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Travers Smith's Alternative Insights: The future of "parental liability" in UK competition law

Travers Smith's Alternative Insights: The future of "parental liability" in UK competition law


A regular briefing for the alternative asset management industry. 

Since the well-publicised 2014 case involving the Goldman Sachs portfolio company, Prysmian, the private equity industry has been acutely aware that European competition law can impose liability on private equity funds and fund managers for infringements by their portfolio companies.  This is a harsh doctrine, potentially applying to any investment – even a significant minority investment – where the financial investor has "decisive influence" over the underlying company.  Such influence can arise in a variety of ways, including significant shareholdings, the appointment of board directors and the provision of certain types of business support.  Liability does not require the investor to be at fault, and can continue even after a company is sold.

The doctrine of parental liability has been widely criticised, especially as it applies to financial investors. In particular, many argue that the rules are unfair because they can impose liability on separate legal entities when those entities were not involved in the infringing conduct and even if they took reasonable precautions to prevent the infringements.  Indeed, there was no allegation of wrongdoing by Goldman Sachs in the Prysmian case, or by many of the parent companies in the more traditional cases that established the doctrine in the first place.  However, the European Commission has stood firm in the face of these objections – supported by many decisions of the European courts, who rejected Goldman Sachs' final appeal in the Prysmian case earlier this year.  In addition, many national competition authorities have taken a similar approach in the application of their domestic competition law.

In UK national law, the approach in analogous policy areas has been different.  Generally, the legal boundary between different companies is respected and, even within any one company, it is clearer that taking reasonable steps can, in appropriate circumstances, act as a liability shield.  For example, in the UK Bribery Act, companies may have a defence if they can show that, even though a bribe was in fact paid or received by associated parties, there were "adequate procedures" in place designed to prevent corrupt behaviour.  The government has even provided guidance on how companies can design procedures that are good enough.  A similar (although subtly different) approach applies where companies are alleged to have "failed to prevent" the facilitation of tax evasion.  The policy is clearly designed to encourage businesses to do the right thing – and does not punish those that do.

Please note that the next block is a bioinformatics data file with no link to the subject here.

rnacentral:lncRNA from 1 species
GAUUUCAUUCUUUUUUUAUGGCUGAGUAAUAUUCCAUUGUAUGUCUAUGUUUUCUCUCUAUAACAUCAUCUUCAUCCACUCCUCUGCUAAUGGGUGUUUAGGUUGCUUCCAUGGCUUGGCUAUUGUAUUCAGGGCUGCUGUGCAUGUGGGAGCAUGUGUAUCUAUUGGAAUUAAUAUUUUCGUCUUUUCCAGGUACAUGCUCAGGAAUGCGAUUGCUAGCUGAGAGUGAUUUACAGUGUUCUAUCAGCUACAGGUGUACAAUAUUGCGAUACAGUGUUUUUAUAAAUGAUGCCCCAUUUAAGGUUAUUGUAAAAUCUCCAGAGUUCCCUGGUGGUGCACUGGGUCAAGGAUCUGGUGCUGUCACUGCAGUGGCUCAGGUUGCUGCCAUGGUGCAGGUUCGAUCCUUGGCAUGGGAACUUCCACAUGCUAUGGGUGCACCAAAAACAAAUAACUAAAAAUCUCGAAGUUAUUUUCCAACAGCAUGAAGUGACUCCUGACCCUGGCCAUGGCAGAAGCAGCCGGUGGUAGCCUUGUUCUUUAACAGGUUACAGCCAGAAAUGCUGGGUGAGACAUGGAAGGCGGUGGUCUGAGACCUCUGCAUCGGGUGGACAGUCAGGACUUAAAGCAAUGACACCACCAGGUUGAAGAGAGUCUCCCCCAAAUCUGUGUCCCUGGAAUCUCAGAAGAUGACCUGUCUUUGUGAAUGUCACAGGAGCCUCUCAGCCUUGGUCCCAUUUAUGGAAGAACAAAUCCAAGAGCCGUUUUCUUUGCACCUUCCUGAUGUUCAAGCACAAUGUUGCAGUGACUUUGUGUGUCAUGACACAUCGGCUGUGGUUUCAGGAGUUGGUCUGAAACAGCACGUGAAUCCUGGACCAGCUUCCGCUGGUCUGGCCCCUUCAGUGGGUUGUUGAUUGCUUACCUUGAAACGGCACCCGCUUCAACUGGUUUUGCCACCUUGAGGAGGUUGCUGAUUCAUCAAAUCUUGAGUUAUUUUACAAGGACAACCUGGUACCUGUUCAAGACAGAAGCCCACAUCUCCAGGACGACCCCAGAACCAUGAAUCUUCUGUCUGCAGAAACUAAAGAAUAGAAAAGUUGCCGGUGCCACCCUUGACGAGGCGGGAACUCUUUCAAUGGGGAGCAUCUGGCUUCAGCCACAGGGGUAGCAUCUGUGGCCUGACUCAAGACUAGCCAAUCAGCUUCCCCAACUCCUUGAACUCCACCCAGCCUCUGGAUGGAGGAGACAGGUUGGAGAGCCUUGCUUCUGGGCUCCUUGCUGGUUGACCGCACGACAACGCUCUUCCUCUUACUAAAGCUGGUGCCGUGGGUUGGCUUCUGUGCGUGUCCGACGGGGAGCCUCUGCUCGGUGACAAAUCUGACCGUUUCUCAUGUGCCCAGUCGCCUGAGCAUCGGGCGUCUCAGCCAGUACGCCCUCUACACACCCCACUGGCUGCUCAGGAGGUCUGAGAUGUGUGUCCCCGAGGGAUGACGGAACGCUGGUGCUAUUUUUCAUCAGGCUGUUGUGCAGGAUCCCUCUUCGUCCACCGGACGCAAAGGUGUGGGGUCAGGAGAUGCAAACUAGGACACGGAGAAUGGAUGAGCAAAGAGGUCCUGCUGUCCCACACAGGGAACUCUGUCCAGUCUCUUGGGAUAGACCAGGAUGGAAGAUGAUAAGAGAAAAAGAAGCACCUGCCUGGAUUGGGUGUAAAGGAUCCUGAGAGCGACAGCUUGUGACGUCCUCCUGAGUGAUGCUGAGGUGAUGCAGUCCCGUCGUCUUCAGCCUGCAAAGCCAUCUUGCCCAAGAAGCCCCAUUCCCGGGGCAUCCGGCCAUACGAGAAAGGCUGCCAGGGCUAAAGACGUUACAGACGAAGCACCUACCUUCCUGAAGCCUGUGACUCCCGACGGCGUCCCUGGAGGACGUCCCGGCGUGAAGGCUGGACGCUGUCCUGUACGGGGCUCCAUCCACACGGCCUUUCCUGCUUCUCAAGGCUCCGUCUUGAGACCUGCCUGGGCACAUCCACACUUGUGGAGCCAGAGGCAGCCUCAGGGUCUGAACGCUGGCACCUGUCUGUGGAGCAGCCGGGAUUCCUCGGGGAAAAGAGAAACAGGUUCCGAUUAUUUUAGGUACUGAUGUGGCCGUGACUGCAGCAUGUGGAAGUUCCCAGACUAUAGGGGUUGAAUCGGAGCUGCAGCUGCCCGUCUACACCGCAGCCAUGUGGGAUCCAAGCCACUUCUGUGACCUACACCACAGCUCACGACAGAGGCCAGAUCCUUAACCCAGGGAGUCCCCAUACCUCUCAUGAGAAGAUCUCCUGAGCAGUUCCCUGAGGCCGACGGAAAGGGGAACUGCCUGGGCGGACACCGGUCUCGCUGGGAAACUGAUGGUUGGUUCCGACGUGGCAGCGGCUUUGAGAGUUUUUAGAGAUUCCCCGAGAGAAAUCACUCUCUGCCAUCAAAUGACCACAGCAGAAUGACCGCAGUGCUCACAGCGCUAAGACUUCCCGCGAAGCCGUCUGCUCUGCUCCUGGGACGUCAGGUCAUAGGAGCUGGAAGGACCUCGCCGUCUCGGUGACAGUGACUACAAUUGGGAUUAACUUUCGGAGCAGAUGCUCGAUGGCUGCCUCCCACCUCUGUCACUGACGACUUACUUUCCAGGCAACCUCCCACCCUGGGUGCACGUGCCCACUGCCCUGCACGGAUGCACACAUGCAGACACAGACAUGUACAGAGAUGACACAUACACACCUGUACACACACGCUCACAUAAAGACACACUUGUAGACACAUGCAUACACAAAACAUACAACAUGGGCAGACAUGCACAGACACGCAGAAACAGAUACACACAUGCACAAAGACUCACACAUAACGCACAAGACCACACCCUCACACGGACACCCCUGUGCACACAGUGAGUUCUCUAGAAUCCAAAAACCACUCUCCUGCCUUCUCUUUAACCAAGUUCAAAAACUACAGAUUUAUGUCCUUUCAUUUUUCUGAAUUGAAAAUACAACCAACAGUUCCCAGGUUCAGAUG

However, UK domestic competition law has not followed that approach.  In general, UK competition law follows the EU – although until recently the application of liability to financial investors had not been tested in the domestic setting.  That may be about to change.

...these cases have been brought under UK law and could provide the UK court - or, perhaps, the government - with an opportunity to shift UK competition law away from the approach adopted in the EU...

In two recent cases in the pharmaceutical sector, the Hydrocortisone and Liothyronine cases, the UK's competition authority, the CMA, has seemingly applied the doctrine of parental liability to hold two private equity fund managers liable for alleged behaviours of their portfolio companies.  Although the full decisions have not yet been published, these cases have been brought under UK law and could provide the UK courts – or, perhaps, the government – with an opportunity to shift UK competition law away from the approach adopted in the EU.  It remains to be seen whether they will take that opportunity.

However, at least for the time being, these well-publicised UK decisions demonstrate that the CMA is ready to use its powers to pursue financial investors in the same way as the European Commission has been.

For that reason – and for several others – these cases may give private equity investors another reason to re-examine their approach to competition law due diligence.  For obvious reasons, it is generally very hard to identify illegal behaviour from a desktop review of contracts and other documents – especially when the alleged illegal behaviour relates to the effect that behaviour had on the market, or involved informal contacts (such as through messaging apps) or meetings at social events.  It is possible, though, to carry out due diligence on governance processes.  Although clearly it does not provide any absolute guarantees, an assessment of policies and procedures, including the degree of board and senior management oversight, might provide comfort that the risk of infringements is reduced.  Lack of a robust competition compliance programme, particularly in higher risk industries, might indicate whether remedial steps need to be taken in the initial post-closing period – and could even trigger a deeper dive pre-acquisition.  

Whether or not the UK courts and policymakers decide to review the application of UK competition law to innocent financial investors – which would certainly be a welcome move – a renewed focus on competition law compliance in certain industries is a sensible response to these recent cases.  And, in the pre-sale period, some reverse due diligence may also help to persuade increasingly cautious buyers that there are no hidden liabilities.  

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A series of regular briefings for the alternative asset management industry.

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